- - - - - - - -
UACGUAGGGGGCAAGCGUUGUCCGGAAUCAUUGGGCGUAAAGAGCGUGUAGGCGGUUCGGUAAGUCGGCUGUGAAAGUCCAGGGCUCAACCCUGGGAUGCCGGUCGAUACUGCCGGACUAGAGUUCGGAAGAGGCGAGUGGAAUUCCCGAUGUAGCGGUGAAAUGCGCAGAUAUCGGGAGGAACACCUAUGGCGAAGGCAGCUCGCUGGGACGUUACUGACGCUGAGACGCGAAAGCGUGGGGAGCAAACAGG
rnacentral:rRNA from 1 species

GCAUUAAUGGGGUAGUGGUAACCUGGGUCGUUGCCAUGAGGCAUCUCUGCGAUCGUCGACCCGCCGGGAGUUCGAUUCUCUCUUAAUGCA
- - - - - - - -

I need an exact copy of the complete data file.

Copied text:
UACGUAGGGGGCAAGCGUUGUCCGGAAUCAUUGGGCGUAAAGAGCGUGUAGGCGGUUCGGUAAGUCGGCUGUGAAAGUCCAGGGCUCAACCCUGGGAUGCCGGUCGAUACUGCCGGACUAGAGUUCGGAAGAGGCGAGUGGAAUUCCCGAUGUAGCGGUGAAAUGCGCAGAUAUCGGGAGGAACACCUAUGGCGAAGGCAGCUCGCUGGGACGUUACUGACGCUGAGACGCGAAAGCGUGGGGAGCAAACAGG
rnacentral:rRNA from 1 species

GCAUUAAUGGGGUAGUGGUAACCUGGGUCGUUGCCAUGAGGCAUCUCUGCGAUCGUCGACCCGCCGGGAGUUCGAUUCUCUCUUAAUGCA